We like tall buildings. Huge concrete monsters extends themselves high up in the sky. What if we rethink the system and instead of building from earth into sky, we do it the other way around? New York based architecture based Clouds put forward this innovative proposal: suspending the world's tallest skyscraper from an asteroid, leaving its inhabitants to parachute to earth.
They called this space skyscraper Analemma. According to Clouds, the geosynchronous orbit would match the earth’s rotation period, ensuring that Analemma would return to the same location at the same time everyday, even though the tower will be continuously in motion.
As the design firm explains: "While researching atmospheric conditions for this project, we realized that there is probably a tangible height limit beyond which people would not tolerate living due to the extreme conditions. For example, while there may be a benefit to having 45 extra minutes of daylight at an elevation of 32,000 meters, the near vacuum and -40C temperature would prevent people from going outside without a protective suit". Maybe it's not that suitable for living. But one can also argue that for people who wish to explore space, to be able to see the galaxy and sunrise from that perspective everyday, it could be worth. Given that one doesn’t mind to wear a space uniform each time he wants to walk out of the apartment. Plus up there, you get 42 minutes extra sunlight everyday.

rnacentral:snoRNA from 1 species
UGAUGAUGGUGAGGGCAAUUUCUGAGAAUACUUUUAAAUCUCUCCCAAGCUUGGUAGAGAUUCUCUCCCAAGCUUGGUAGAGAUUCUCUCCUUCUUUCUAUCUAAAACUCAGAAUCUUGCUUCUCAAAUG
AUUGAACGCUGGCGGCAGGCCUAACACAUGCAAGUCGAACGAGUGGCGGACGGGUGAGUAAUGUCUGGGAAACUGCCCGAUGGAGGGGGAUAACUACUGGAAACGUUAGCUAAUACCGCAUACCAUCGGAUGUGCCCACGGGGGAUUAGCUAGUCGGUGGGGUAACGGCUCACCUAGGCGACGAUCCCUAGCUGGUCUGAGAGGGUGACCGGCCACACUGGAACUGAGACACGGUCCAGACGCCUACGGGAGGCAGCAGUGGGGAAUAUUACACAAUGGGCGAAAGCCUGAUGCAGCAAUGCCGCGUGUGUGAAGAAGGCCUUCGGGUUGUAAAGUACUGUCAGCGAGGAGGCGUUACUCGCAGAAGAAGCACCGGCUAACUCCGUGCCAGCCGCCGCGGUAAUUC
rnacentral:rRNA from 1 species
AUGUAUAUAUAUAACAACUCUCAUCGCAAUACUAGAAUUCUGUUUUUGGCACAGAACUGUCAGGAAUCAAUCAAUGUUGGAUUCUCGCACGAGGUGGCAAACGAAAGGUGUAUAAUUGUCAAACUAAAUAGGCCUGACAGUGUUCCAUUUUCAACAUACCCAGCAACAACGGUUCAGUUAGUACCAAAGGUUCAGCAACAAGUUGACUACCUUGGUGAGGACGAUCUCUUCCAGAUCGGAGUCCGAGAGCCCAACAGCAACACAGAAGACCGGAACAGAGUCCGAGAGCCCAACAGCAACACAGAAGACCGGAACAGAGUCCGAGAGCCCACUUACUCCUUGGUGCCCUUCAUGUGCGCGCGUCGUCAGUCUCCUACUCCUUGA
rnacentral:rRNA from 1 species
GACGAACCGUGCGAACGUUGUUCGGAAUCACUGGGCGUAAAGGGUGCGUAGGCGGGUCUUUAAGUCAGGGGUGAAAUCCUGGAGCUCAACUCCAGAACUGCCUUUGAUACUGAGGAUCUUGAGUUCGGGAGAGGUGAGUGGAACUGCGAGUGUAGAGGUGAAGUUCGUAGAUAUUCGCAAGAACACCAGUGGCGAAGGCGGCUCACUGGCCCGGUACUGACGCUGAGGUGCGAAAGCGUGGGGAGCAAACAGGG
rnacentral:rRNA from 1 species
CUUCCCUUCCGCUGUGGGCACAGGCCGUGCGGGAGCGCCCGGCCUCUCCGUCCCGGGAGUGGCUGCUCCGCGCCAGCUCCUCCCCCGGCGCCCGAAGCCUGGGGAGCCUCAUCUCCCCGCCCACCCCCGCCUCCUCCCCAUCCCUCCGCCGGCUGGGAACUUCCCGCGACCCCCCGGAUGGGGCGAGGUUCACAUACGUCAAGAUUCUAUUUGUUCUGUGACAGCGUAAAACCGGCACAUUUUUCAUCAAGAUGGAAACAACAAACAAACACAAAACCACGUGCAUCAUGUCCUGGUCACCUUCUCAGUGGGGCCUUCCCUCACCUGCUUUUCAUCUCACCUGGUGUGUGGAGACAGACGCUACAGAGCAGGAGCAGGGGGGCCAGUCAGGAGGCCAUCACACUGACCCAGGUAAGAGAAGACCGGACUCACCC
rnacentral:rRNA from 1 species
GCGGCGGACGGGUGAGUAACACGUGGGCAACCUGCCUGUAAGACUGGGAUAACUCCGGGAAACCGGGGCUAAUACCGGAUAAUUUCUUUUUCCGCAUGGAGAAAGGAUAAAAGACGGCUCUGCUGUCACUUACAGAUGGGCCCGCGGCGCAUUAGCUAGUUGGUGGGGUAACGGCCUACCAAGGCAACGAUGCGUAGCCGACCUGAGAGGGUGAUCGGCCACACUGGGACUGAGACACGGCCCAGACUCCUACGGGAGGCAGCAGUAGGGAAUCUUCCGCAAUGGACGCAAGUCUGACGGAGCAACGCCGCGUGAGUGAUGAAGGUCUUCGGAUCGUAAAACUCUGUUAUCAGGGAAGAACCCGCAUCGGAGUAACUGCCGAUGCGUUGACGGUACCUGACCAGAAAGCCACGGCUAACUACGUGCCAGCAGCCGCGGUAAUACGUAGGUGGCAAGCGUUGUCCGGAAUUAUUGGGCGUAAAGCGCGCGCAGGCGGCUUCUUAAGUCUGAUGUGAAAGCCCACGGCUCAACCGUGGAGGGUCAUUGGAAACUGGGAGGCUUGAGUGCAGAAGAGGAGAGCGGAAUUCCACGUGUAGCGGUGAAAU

The building would be harvesting solar power directly from space, getting a constant feed of sunlight. It would be equipped with a circular water recycling system, so it would not need external source other than natural rain and clouds. The project envisions cable-less electromagnetic onboard elevators, to avoid height limitations. Clouds Architecture is looking at Dubai, where the most advanced technology in skyscraper construction lies. Finally, we will call it skyscraper, a literal descriptive name well deserved.
Source: Clouds Architecture
Share your thoughts and join the technology debate!
Be the first to comment